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The Psychology Of Saving

Do you have a healthy nest egg for the future, or are you consumed by too much current debt? Many governments around the world are trying to help their citizens avoid debt by developing a savings mind-set, along with the treasurer of Australia encouraging us to “work, save, invest”. In an ideal world, we would all […]

Carol Yang

Do you have a healthy nest egg for the future, or are you consumed by too much current debt? Many governments around the world are trying to help their citizens avoid debt by developing a savings mind-set, along with the treasurer of Australia encouraging us to “work, save, invest”.

In an ideal world, we would all balance our spending with our saving, and, in that way, avoid becoming overly indebted.  Sadly, the reality is far from ideal.  People live above their means, putting savings at the end of their priorities list.  Often, it’s only once a person is in serious debt that they feel pushed to save in order to get out of the financial burden they have put themselves under.  In the meantime, they’re accruing interest on their debt as they slowly try to save.  Significantly, it all could have been avoided if savings had been considered sooner.

Saving is never quite as easy as it sounds, is it?

Psychology and the field of behavioural economics study how people think and behave, and both fields have been used to help people save, especially when it comes to retirement.  The Save More Tomorrow initiative in the States, for instance, used behavioural economics to help employees save.

The mental benefits of saving

The practical, monetary benefits are widely known.  The interest earned on savings is usually higher than the rate of inflation, whereas the interest charged on a loan means you often pay far more, in the end, than the amount you originally “borrowed”.  Savings can help you avoid resorting to credit, and if you save through investments, you help the economy through growing its investment capital.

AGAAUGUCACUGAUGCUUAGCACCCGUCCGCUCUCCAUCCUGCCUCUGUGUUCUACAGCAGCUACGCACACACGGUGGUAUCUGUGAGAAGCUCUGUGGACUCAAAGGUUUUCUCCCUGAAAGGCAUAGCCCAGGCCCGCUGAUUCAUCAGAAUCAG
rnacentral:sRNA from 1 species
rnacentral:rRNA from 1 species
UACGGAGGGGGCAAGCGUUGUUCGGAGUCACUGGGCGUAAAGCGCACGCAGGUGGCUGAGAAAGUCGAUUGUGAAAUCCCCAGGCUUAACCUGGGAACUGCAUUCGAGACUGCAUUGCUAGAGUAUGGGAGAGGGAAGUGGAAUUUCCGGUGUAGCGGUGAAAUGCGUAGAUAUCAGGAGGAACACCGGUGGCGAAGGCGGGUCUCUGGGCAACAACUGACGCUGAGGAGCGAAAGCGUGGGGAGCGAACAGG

There are however, the less known emotional benefits, which include peace of mind, and a satisfying feeling of control, that you are prepared for anything life may throw at you – whether it’s a job loss, a broken-down car, a medical emergency, a burst geyser…

One study on savings, by Capital One in America, found that only 10% of respondents felt saving to be a sacrifice, and even fewer said they felt deprived when saving (4%).  In fact, savings were shown to increase happiness – by 49% in men, and a whopping 58% in women.

Mental Blocks to saving

If it’s so beneficial, why do people appear less inclined to save successfully?  Why do they struggle to grow that nest egg?  An article in Psychology Today gives reasons people fail in their saving plans.

1. Unrealistic monthly goals, that are not, met tend to set up a failure mentality.  This often sees people spending even more that the amount they had planned to put away for the month.  However, if the savings goal is too low, it offers little by way of motivation. 

The solution – pick a savings target that’s neither too hard, nor too easy, to reach.

2. People have a natural tendency to be over-optimistic about how much they’ll be able to save in the long term, and then fall way off the mark when they eventually reach a stated future point. 

Conclusion – short-term savings goals are often more realistically reached.

3. People tend to focus on a specific number, such as A$400 (Australian Dollars) when they plan savings.  Research shows that it is better to think of a number ‘range’, say between A$350-450.

Reasoning – to our brains, a ‘range’ between a lower and higher number feels more attainable.

Savings tips

In a recent article on Forbes.com, experts offered some effective tips on overcoming mental blocks to saving.  They include:

Celebrating small savings goals met

Automating monthly savings – arrange a direct debit from your monthly income

• Using a visual motivator – create a collage or mind map of your savings goals as a reminder that you are saving not to deprive yourself, but to reward yourself later.

• Using the “buddy system”: Just as you might enlist a friend to help you reach your fitness goals, you can ask a pal to act as a “savings buddy” who motivates you to reach your savings goals. 


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